Role of Multiple-Level Tropospheric Circulations in Forcing ENSO Winter Precipitation Anomalies

Shawn R. Smith, Phaedra M. Green, Alan P. Leonardi, James J. O'Brien
1998 Monthly Weather Review  
Regionally organized winter (DJF) precipitation anomalies over North America are presented in association with cold and warm phases of the El Niño-Southern Oscillation. Variations in low-level flow from moisture sources and in upper-level dynamic properties are diagnosed for each anomalous precipitation region using DJF composites of upper-and lower-tropospheric winds, sea level pressure, divergence, and vorticity advection. Variance analysis determines which precipitation and circulation
more » ... d circulation patterns are robust and evaluates the predictability of the extreme phase composites with respect to the climatology. In cold phases, the Pacific Northwest and the lower Mississippi Valley regions have above-normal precipitation totals. The heavier precipitation over the Pacific Northwest is the result of a multilevel onshore flow forced by an amplified Pacific high off the California coast and a single zonal upper-tropospheric jet. In the Lower Mississippi and Tennessee Valleys, the equatorward entrance region of a west-east-oriented jet core combines with anomalous positive vorticity advection (PVA) and a convergent low-level flow off the Gulf of Mexico, resulting in heavier precipitation. Drier than normal conditions occur in coastal Alaska and California due to negative vorticity advection anomalies aloft, low-level divergence, and weaker onshore flow. The increased precipitation over the southern Mississippi Valley and the Pacific Northwest, and the drier conditions over Florida, are statistically robust. During warm phases, more precipitation occurs in the coastal regions of Alaska, California, and the Gulf of Mexico, whereas drier conditions persist over the Pacific Northwest. Alaskan precipitation is enhanced by strong, convergent, onshore flow associated with a deeper Aleutian low, upper-level PVA, and the northern branch of a split jet pattern. A strong southern subtropical branch of the split jet provides dynamic support for uplift of moisture along the Gulf Coast. The drier conditions in the Pacific Northwest and the wet conditions in Texas and Florida are predictable relative to the climatology and are statistically robust.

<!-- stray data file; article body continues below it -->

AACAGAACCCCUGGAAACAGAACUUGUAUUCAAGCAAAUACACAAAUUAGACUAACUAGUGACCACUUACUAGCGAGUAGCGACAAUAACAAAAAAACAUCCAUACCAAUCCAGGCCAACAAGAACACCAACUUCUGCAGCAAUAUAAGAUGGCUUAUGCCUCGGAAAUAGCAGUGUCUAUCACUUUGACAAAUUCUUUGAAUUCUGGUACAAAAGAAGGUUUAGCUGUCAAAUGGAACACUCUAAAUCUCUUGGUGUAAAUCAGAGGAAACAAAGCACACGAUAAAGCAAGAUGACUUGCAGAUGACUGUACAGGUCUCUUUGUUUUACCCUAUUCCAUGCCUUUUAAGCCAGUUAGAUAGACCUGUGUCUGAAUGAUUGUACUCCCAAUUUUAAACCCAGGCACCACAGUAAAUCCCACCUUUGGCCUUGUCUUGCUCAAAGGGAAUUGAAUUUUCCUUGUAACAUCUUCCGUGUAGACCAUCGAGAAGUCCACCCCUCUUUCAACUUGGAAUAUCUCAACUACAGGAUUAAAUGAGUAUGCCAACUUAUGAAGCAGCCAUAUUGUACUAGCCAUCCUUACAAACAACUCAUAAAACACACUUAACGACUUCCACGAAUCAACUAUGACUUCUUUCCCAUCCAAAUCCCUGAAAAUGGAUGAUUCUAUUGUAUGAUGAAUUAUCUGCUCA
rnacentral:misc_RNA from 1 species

doi:10.1175/1520-0493(1998)126<3102:romltc>2.0.co;2 fatcat:obputvn5njev5kmarerptkqxx4